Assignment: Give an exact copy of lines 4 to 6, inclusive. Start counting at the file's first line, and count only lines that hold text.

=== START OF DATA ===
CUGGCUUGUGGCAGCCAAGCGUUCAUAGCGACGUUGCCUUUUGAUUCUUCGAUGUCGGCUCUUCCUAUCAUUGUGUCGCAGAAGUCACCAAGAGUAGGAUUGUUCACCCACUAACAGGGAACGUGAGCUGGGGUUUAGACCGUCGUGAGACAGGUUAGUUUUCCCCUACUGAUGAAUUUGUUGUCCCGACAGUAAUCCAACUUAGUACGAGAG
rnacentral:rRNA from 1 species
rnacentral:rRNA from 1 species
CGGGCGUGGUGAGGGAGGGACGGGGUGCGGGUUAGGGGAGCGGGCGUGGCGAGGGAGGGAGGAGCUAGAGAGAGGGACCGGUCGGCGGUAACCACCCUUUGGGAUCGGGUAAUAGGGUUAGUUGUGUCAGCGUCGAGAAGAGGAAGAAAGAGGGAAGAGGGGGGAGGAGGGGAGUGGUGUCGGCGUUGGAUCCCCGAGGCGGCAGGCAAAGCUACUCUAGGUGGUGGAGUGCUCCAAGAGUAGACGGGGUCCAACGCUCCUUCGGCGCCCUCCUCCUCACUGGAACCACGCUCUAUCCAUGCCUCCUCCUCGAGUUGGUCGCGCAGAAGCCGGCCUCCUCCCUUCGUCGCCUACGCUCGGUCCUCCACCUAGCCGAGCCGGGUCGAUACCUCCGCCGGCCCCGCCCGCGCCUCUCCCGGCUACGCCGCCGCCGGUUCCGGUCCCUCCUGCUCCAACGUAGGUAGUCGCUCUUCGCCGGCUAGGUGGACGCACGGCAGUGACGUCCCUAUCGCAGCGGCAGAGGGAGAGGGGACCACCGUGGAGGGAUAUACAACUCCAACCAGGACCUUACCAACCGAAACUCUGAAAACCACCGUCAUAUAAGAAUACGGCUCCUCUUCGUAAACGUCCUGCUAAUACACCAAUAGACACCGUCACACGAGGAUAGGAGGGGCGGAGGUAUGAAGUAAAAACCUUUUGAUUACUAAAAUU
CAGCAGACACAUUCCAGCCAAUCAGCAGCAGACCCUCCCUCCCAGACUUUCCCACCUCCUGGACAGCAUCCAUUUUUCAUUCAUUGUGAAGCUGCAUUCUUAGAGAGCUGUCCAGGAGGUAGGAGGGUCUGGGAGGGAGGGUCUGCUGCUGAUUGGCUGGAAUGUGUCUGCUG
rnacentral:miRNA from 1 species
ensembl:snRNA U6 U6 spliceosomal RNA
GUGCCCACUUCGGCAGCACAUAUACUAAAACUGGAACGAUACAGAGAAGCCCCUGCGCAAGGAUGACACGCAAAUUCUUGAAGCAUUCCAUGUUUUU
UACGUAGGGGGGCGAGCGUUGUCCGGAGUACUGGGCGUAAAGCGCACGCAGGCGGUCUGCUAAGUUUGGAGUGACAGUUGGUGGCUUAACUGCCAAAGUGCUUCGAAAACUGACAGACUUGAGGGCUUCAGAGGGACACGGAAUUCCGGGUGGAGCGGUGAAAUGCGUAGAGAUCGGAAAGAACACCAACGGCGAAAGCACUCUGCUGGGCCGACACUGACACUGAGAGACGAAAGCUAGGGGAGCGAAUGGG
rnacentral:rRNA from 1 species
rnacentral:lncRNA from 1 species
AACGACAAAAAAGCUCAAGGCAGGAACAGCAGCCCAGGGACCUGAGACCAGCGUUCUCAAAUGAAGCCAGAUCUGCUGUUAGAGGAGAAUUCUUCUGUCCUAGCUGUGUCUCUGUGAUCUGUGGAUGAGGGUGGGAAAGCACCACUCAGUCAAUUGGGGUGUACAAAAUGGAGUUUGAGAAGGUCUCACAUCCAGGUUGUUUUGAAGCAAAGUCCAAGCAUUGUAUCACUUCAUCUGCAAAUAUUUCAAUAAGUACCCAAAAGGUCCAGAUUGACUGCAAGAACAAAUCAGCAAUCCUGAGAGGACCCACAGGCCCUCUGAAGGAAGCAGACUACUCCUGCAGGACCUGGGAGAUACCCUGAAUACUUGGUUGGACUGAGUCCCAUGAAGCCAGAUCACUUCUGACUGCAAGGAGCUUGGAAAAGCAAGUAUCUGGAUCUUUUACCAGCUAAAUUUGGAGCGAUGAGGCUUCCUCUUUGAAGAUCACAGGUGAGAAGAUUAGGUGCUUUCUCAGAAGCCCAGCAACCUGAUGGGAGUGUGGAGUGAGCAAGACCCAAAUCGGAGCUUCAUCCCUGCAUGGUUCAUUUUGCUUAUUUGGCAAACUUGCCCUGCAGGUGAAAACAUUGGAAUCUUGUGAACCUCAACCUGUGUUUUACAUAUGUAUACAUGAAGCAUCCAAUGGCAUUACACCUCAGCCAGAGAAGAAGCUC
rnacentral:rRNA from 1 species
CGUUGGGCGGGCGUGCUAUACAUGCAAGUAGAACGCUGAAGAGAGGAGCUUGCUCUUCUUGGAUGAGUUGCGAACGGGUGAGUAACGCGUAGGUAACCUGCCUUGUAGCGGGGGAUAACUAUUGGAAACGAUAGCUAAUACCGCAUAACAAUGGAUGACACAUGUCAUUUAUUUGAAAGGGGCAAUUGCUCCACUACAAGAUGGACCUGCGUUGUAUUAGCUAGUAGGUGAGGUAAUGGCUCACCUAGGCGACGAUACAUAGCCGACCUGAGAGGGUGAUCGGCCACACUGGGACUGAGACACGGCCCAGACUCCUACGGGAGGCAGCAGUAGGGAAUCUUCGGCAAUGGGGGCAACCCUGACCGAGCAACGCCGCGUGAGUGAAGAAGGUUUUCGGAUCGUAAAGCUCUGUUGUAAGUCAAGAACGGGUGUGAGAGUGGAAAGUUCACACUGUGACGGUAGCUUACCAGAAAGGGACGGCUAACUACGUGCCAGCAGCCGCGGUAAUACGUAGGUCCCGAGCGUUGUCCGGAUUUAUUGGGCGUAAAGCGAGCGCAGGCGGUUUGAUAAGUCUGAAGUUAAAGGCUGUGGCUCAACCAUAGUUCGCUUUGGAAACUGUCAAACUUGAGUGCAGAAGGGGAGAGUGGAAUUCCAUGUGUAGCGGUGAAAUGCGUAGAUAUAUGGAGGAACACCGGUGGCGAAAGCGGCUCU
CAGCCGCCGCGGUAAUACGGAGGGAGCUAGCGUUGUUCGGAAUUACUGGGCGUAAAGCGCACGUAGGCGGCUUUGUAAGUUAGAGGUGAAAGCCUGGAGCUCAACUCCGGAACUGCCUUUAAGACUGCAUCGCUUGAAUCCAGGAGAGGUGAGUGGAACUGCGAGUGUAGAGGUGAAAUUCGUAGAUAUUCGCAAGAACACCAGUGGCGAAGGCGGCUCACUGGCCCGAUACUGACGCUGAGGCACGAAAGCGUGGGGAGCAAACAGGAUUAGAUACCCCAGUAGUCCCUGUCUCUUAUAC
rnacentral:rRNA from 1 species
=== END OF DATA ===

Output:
CGGGCGUGGUGAGGGAGGGACGGGGUGCGGGUUAGGGGAGCGGGCGUGGCGAGGGAGGGAGGAGCUAGAGAGAGGGACCGGUCGGCGGUAACCACCCUUUGGGAUCGGGUAAUAGGGUUAGUUGUGUCAGCGUCGAGAAGAGGAAGAAAGAGGGAAGAGGGGGGAGGAGGGGAGUGGUGUCGGCGUUGGAUCCCCGAGGCGGCAGGCAAAGCUACUCUAGGUGGUGGAGUGCUCCAAGAGUAGACGGGGUCCAACGCUCCUUCGGCGCCCUCCUCCUCACUGGAACCACGCUCUAUCCAUGCCUCCUCCUCGAGUUGGUCGCGCAGAAGCCGGCCUCCUCCCUUCGUCGCCUACGCUCGGUCCUCCACCUAGCCGAGCCGGGUCGAUACCUCCGCCGGCCCCGCCCGCGCCUCUCCCGGCUACGCCGCCGCCGGUUCCGGUCCCUCCUGCUCCAACGUAGGUAGUCGCUCUUCGCCGGCUAGGUGGACGCACGGCAGUGACGUCCCUAUCGCAGCGGCAGAGGGAGAGGGGACCACCGUGGAGGGAUAUACAACUCCAACCAGGACCUUACCAACCGAAACUCUGAAAACCACCGUCAUAUAAGAAUACGGCUCCUCUUCGUAAACGUCCUGCUAAUACACCAAUAGACACCGUCACACGAGGAUAGGAGGGGCGGAGGUAUGAAGUAAAAACCUUUUGAUUACUAAAAUU
CAGCAGACACAUUCCAGCCAAUCAGCAGCAGACCCUCCCUCCCAGACUUUCCCACCUCCUGGACAGCAUCCAUUUUUCAUUCAUUGUGAAGCUGCAUUCUUAGAGAGCUGUCCAGGAGGUAGGAGGGUCUGGGAGGGAGGGUCUGCUGCUGAUUGGCUGGAAUGUGUCUGCUG
rnacentral:miRNA from 1 species